In February, some investors clamored to buy shares of virtual penny-stock Talbots (NYSE: TLB ) , fired up by the idea it might be acquired by private equity firm Sycamore Partners. Flash forward several months and this stock's story still centers around its sad business outlook.
Last week, Talbots revealed more dismal tidings. The retailer warned that it expects first-quarter sales to fall by 9.6% to $272 million on a year-over-year basis. Although that top-line figure does beat analysts' dismal expectations, it certainly shows this business is still broken (as it has been for years, really). Talbots will also report a first-quarter loss, compared to a profit this time last year.
Investors' acquisition-rumor-fired fever -- which is really quite similar to the kind of disconnection from reality that often occurs in Vegas casinos -- has buoyed stocks of some pretty pathetic companies lately. Take Avon Products (NYSE: AVP ) , which, like Talbots, recently rebuffed a potential suitor and continues to claim Coty's bid is just not high enough.
Last week, rumors that grocery giant Safeway (NYSE: SWY ) could be a takeover candidate fired up the stock by the largest amount since 2009, resulting in a 7.5% jump. Apparently some investors aren't deterred by things that make the concept sound outlandish on many levels.
Safeway has a market cap of $5.72 billion but its enterprise value is about double that. In other words, it's weighed down with debt obligations. Some analysts have also pointed out that Safeway has onerous pension liabilities. How many buyers would sign up under those circumstances? Personally, I don't buy it.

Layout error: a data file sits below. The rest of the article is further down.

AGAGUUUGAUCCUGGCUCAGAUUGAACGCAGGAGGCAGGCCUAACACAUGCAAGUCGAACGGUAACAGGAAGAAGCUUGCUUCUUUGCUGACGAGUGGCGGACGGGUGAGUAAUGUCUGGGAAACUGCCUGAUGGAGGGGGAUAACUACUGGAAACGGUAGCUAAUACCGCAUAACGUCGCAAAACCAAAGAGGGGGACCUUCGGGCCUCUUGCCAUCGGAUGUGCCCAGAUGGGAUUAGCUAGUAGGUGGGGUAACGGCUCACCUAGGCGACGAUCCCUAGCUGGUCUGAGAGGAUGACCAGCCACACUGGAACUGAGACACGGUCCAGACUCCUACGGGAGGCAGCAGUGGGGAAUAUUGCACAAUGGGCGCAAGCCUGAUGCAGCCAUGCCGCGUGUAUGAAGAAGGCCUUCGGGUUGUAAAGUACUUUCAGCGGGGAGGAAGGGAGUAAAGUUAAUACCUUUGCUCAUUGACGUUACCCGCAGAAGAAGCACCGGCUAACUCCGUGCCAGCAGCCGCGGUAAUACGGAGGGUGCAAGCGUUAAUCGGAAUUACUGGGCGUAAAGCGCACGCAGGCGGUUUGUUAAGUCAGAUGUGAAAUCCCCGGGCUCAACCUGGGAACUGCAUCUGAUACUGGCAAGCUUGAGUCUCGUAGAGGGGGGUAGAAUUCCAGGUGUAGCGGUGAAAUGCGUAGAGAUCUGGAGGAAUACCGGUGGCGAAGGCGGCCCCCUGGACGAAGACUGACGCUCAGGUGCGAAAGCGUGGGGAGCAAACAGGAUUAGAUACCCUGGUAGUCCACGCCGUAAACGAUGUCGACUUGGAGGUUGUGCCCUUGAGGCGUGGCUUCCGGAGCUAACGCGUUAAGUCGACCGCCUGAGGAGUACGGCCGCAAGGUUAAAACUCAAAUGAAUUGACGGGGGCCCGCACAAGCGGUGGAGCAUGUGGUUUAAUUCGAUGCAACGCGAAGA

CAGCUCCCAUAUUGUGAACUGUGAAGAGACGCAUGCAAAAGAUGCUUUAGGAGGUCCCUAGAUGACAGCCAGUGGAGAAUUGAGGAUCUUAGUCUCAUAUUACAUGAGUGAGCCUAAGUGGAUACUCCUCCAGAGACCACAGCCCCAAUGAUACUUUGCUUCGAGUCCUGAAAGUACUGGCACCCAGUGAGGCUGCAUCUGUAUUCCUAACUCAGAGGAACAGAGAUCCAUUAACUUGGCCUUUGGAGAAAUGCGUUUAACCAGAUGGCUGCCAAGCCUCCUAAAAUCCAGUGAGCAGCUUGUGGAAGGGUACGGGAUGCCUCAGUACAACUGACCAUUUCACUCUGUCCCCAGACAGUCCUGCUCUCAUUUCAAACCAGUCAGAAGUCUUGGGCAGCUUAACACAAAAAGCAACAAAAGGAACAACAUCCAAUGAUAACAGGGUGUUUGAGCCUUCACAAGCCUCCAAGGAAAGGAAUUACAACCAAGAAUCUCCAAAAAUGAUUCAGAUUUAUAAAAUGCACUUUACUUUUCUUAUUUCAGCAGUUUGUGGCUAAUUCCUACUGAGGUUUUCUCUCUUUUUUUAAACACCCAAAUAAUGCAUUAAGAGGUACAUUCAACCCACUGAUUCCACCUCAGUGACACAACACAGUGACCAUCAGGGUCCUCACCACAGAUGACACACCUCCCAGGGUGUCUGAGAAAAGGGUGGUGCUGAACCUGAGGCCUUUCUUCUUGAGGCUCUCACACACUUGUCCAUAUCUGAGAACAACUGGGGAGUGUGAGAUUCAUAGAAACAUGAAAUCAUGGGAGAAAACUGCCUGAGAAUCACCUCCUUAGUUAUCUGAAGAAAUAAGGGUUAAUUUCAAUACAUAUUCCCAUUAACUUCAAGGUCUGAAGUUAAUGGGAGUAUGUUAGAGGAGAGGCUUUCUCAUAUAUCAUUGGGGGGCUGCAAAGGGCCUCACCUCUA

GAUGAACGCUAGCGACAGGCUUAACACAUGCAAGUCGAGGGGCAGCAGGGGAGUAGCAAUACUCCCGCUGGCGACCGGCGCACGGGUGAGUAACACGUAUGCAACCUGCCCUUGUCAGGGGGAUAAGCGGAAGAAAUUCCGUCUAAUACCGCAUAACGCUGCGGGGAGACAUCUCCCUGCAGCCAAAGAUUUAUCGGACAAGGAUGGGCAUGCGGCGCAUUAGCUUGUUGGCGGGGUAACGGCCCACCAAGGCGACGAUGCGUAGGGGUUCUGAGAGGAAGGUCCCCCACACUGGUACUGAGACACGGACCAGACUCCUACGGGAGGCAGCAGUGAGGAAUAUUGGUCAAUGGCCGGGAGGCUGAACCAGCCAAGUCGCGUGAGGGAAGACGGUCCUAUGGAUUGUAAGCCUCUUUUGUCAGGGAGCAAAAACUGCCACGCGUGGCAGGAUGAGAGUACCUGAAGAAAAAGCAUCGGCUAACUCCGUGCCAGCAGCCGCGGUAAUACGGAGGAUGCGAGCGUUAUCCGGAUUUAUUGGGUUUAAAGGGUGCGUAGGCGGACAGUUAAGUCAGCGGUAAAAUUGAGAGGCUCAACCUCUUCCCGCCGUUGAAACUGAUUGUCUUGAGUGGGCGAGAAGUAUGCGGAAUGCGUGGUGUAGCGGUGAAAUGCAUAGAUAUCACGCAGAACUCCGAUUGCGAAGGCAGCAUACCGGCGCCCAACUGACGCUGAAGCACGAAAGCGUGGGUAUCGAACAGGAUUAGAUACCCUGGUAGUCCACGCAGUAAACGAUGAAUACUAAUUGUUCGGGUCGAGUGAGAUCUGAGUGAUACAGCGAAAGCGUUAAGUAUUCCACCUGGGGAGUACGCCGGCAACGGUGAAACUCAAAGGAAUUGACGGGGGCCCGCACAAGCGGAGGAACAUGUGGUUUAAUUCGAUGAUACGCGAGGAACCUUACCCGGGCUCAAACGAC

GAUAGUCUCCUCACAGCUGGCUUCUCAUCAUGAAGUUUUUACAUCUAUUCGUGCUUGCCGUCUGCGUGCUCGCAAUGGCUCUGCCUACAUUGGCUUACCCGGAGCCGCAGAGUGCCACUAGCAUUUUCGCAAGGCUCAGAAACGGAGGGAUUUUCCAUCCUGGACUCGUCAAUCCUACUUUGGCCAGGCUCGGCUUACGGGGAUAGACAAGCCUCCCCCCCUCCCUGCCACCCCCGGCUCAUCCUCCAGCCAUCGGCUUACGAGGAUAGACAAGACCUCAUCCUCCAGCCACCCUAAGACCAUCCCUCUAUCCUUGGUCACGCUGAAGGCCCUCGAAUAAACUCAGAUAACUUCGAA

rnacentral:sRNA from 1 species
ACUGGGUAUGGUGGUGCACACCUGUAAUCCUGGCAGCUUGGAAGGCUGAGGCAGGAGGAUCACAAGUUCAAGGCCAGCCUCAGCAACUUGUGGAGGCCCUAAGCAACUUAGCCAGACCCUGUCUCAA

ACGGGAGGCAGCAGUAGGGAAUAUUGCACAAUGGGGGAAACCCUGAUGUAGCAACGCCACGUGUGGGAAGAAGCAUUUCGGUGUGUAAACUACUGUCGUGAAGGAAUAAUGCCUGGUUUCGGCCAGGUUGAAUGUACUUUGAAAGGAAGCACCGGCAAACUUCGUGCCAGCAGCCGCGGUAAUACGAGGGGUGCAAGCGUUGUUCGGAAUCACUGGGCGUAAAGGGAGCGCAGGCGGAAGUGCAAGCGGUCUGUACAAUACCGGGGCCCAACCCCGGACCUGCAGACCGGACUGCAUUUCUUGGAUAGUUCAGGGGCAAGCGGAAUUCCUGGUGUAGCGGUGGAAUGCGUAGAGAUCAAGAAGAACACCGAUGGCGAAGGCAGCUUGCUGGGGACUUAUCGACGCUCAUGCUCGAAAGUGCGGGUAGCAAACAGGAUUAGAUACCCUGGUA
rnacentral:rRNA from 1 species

Talbots' stock plunge last week surely shows at least some investors suddenly realized hinging hopes on an acquisition at $3 per share or more was probably a bad gamble. But some Talbots investors still may be waiting for good news that has nothing to do with whether Talbots' business is even capable of being fixed after longtime malaise and ongoing brand damage.
Investors are far better off sticking with stocks of strong companies and holding for the long haul instead of buying up shares of rumor-riddled broken businesses. For example, take Costco (Nasdaq: COST ) ; that strong retailer's shares have recently retreated from recent highs. Although Costco missed analysts' same-store sales expectations for March, the discount retailer still reported a 6% increase in U.S. same-store sales and a 7% jump in international comps. Any temporary weakness in Costco shares simply reflects an opportunity to get a better deal for shares of a great company.
Messing around with broken businesses that have little hope other than a takeover is risky business for investors. Leave the gambling in Vegas. Instead, you should make calculated and well-informed purchases. Fortunately, we've already done a lot of the heavy lifting for you. Learn about The Motley Fool's Top Stock for 2012 by clicking here now.